Write an R function

`binomial.hist(n,p)`

that when invoked creates a histogram of the results of 1000 binomial experiments of $n$ trials with probability of success $p$. Each class (or "bin") should be 1 unit wide and centered on an integer number of successes. Given there are $n$ trials, the maximum $x$ value should then be $n+0.5$.As sample output, the below figure shows one possible outcome of

`binomial.hist(30,0.7)`

. Of course, the exact heights of the rectangles involved will vary slightly from one simulation to the next.binomial.hist = function(n,p) { data = rbinom(1000,size=n,prob=p) hist(data,breaks=seq(from=-0.5,to=(n+0.5),by=1)) }

Write an R function

`normal.curve.plot()`

that when invoked draws the graph of the following function from $x=-4$ to $x=4$, as shown below. Make sure that your graph is titled "The Normal Distribution Curve", and the $x$ and $y$ axes are labeled $x$ and $y$, respectively. (*Hints: the function*) $$f(x) = \frac{e^{\frac{-x^2}{2}}}{\sqrt{2\pi}}$$`exp(x)`

computes $e^x$, and the constant`pi`

has value $\pi$.normal.curve.plot = function() { xs = seq(from=-4,to=4,by=0.01) ys = exp(-xs^2/2)/sqrt(2*pi) plot(xs,ys,type="l",xlab="x",ylab="y",main="The Normal Distribution Curve") }

Write an R function

`poisson.plot(n, lambda, max.occurrences.displayed)`

that simulates $n$ outcomes of a random variable that follows a Poisson distribution with an expected number of occurrences equal to`lambda`

and displays a related histogram. The`max.occurrences.displayed`

argument should specify the largest integer value of $x$ that appears in your plot (since there is some non-zero probability any positive integer number of occurrences could occur). Any simulated data values greater than`max.occurrences.displayed`

should be discarded before attempting to create the histogram.As sample output, consider the results of one call to

`poisson.plot(1000,15,50)`

, shown below. Note, the bars of the histogram should not be white (pick your favorite color), a dotted, red vertical line should mark the position of $\lambda$, and a legend should be included on the graph noting the same.poisson.plot = function(n,lambda,max.occurrences.displayed) { data = rpois(n,lambda) data = data[data <= max.occurrences.displayed] hist(data,breaks=seq(from=-0.5,to=(max.occurrences.displayed+0.5),by=1), main="A Poisson Distribution",col="powderblue") abline(v=lambda,lty=2,col="red") legend("topright", legend=c("lambda"), lty=c(2), col=c("red"), lwd=c(1)) }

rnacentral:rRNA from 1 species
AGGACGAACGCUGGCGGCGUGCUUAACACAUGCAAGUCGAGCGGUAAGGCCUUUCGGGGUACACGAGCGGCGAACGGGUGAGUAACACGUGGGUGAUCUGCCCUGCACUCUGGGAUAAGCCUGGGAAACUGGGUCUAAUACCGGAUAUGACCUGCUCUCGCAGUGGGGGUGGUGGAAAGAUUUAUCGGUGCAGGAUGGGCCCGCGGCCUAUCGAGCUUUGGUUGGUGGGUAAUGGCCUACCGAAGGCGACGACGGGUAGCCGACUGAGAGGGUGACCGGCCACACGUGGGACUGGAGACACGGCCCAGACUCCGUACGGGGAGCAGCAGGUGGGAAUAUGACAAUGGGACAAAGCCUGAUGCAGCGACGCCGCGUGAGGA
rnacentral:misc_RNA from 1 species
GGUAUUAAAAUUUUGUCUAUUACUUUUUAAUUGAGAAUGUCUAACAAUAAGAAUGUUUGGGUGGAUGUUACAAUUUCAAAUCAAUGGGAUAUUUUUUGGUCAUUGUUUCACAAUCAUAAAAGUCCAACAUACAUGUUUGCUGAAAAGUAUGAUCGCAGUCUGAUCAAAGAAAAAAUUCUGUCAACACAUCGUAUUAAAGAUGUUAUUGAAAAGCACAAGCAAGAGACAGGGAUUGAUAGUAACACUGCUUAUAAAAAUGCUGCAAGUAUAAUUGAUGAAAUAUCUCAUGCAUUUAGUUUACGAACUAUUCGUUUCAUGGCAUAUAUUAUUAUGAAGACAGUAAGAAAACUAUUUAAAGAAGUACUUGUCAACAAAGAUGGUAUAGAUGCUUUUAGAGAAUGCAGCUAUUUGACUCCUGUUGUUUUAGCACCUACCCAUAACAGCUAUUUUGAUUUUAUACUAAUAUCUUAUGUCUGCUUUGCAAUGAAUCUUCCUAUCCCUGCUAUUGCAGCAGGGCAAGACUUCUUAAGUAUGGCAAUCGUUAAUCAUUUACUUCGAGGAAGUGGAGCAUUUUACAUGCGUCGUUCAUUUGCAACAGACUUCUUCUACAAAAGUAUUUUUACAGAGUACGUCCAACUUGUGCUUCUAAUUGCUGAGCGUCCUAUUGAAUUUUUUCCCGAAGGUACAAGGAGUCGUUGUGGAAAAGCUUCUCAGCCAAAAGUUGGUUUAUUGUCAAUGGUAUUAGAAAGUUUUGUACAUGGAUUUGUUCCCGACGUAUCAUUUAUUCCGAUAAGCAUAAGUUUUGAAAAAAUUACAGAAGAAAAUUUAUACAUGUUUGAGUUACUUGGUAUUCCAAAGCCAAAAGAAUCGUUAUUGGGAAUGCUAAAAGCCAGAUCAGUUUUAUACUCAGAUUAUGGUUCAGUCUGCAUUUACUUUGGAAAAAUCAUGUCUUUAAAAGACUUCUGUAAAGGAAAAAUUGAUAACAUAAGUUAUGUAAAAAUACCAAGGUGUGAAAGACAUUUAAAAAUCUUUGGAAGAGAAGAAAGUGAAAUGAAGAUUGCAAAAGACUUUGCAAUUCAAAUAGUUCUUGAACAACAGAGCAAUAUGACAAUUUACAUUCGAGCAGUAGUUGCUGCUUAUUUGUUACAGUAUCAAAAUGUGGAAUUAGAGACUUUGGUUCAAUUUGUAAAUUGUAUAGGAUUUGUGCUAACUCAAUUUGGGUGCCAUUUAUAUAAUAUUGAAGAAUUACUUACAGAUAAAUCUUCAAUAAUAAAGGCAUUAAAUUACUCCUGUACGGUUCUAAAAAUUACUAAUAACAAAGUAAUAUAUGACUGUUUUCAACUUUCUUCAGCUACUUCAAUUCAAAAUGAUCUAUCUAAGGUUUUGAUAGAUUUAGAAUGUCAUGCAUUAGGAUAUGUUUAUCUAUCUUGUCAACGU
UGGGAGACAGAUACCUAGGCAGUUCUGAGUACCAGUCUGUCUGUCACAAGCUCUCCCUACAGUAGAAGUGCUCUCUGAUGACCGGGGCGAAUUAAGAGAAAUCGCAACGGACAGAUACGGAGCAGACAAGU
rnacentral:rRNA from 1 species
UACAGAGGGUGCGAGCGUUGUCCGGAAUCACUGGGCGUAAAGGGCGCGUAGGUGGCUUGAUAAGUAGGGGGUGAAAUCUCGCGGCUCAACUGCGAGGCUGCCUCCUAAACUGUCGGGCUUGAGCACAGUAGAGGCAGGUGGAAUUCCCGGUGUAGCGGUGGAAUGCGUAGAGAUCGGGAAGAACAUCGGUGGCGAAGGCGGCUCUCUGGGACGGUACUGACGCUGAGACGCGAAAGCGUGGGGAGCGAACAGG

Write an R function

`chebyshev(k)`

that will plot 30 points, whose $x$-coordinates are randomly and uniformly distributed between $0$ and $1$, and whose $y$-coordinates are all equal to $1$. A small blue vertical line should mark the mean $x$ value, with small (but slightly larger) red dashed vertical lines marking the positions that are $k$ standard deviations from the mean. Text should be displayed in a slightly smaller font than the default, and above the $30$ points, that indicates 1) the value of $k$ with which the function was invoked; 2) the proportion of points whose $x$ value fell within $k$ standard deviations from the mean (i.e., inside the red "fences"); and 3) the minimum associated proportion guaranteed by Chebyshev's Theorem. The numerical values in the text displayed should be rounded, as necessary, to 4 digits past the decimal point. (Consider using the`round()`

function.) The title of the plot should be "Demonstration of Chebyshev's Theorem", and the $x$ and $y$ axes should have no labels shown.As sample output, consider the results of one call to

`chebyshev(1.1)`

, shown belowchebyshev = function(k) { xs = c(runif(30)) ys = rep(1,times=30) plot(xs,ys,main="Demonstration of Chebyshev's Theorem",xlab="",ylab="") lower.bound = mean(xs) - k*sd(xs) upper.bound = mean(xs) + k*sd(xs) lines(c(lower.bound,lower.bound),c(0.9,1.1),lty=2,col="red") lines(c(upper.bound,upper.bound),c(0.9,1.1),lty=2,col="red") lines(c(mean(xs),mean(xs)),c(0.95,1.05),lty=1,col="blue") num.in.bounds = length(xs[(xs > lower.bound) & (xs < upper.bound)]) proportion.in.bounds = round(num.in.bounds/length(xs),digits=4) chebyshev.guarantee = round(1-1/k^2, digits = 4) text(x=0.5,y=1.3,labels=paste("k = ",k),cex=0.8) text(x=0.5,y=1.25,labels=paste("proportion in bounds = ", proportion.in.bounds),cex=0.8) text(x=0.5,y=1.20,labels=paste("chebyshev guarantees at least ", chebyshev.guarantee),cex=0.8) }